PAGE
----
Macau, Chinese New Year 2012
MOTHERBOARD: I’ve tried in my own futile attempts to talk to Julian. I’ve phoned the Ecuadorian Embassy a couple dozen times, almost as a game, in the past year. I was wondering what you’d have asked, if you had been given the chance to speak with him, without paying the million dollar ransom on an interview?
GIBNEY: I just wanted to take the true story, it was that simple. I wanted to take him through the story and have him tell it from his perspective, that’s all. That’s what I told him. I want to drill down, step by step, beat by beat, and have you tell your story. He wasn’t interested.
I wondered about how absurd, but maybe fun it could be to get that funded. To pay him for an interview.
But it’s not like an interview with him was so precious. He never asked for a million dollars, he just said that, “The market rate for an interview with me is a million dollars.” And I had to take a second to think, what market is that? The fact is that everybody interviewed him. I joked with him at one point and said, “I’m the only person in the world who has not interviewed you.” So, by virtue of inflation the market was pretty well saturated. Julian has had no shortage of people to talk to. But I think what the problem is now, is the information he conveys now.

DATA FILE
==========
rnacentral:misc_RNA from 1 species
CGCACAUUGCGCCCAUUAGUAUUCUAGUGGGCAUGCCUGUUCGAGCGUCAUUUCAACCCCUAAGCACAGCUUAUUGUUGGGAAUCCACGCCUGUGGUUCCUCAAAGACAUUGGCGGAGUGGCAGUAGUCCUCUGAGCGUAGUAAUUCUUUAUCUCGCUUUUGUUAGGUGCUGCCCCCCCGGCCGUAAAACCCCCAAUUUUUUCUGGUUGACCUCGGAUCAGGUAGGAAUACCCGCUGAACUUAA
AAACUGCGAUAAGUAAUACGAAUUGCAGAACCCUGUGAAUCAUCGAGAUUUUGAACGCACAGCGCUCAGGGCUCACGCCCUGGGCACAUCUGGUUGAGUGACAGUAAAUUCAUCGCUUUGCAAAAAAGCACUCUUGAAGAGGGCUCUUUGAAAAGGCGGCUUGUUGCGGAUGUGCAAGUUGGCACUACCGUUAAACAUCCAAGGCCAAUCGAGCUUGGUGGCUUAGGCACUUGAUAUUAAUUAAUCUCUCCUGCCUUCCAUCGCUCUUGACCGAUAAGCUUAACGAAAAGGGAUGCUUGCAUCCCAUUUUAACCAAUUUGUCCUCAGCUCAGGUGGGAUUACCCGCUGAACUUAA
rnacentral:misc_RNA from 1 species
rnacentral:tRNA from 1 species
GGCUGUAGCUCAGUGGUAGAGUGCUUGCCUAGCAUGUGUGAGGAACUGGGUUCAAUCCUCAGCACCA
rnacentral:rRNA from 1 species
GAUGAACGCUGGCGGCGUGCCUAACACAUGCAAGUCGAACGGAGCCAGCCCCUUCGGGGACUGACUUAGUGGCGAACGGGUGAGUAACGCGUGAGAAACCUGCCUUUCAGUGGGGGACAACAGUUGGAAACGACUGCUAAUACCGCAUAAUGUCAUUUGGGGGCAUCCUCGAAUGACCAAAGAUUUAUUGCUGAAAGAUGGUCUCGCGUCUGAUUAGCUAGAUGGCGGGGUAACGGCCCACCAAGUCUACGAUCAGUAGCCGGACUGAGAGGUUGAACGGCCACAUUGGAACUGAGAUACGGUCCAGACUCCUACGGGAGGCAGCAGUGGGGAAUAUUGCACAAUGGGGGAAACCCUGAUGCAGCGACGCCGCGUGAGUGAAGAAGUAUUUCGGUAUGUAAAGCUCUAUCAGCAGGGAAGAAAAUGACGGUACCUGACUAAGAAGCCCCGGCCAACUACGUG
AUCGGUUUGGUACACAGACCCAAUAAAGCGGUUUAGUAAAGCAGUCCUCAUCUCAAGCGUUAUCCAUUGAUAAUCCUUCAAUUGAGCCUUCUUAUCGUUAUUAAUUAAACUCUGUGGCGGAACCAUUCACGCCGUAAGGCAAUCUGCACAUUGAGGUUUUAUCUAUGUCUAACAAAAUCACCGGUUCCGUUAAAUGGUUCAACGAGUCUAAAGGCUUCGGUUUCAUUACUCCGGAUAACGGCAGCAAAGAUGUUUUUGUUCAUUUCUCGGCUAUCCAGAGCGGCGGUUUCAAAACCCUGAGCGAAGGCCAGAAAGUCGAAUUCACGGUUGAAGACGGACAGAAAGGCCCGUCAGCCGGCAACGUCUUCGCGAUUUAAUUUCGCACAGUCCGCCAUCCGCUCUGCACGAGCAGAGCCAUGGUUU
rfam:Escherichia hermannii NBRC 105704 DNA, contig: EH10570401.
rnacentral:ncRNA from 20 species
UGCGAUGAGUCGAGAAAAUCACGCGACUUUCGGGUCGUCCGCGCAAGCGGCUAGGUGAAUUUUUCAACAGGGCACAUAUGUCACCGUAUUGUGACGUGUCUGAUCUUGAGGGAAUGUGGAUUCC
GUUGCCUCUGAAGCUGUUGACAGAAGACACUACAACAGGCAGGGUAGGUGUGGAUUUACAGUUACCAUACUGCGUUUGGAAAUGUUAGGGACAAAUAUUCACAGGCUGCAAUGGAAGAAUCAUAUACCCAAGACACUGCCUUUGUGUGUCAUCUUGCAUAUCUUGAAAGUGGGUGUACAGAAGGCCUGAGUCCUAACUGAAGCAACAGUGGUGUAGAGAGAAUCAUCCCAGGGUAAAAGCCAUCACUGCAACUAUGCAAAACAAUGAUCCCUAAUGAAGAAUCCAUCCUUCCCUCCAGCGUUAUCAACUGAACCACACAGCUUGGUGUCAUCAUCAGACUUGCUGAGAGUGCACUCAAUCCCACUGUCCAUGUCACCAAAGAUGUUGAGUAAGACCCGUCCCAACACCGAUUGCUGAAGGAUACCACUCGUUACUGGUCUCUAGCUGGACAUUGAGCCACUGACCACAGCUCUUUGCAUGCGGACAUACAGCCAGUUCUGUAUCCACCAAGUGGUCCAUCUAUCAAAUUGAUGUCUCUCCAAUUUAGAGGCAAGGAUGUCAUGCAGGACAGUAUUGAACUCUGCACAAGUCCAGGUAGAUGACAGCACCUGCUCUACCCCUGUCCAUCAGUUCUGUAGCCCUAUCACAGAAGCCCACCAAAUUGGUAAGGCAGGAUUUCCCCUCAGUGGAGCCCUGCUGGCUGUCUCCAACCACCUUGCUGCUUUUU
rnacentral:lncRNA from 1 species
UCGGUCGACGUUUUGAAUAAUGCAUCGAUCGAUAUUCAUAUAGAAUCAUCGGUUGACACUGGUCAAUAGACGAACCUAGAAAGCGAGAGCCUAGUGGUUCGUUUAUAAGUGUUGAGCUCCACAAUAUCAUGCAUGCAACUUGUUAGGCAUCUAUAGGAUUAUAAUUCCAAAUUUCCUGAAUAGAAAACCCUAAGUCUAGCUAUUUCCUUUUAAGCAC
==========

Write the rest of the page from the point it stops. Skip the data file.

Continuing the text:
It’s not self-reflective, it’s a series of pronouncements, it’s a series of mega-statements. He’s like a guy constantly giving a speech, in his Evita-like way, on the balcony of the Ecuadorian Embassy. When you have a conversation with a politician you feel like “Is this a human being or a talking machine?” And I think that’s what Julian Assange has become. It’s bad, because I think that prior to being attacked and prior to being so famous, he was a more interesting person to talk to I suspect.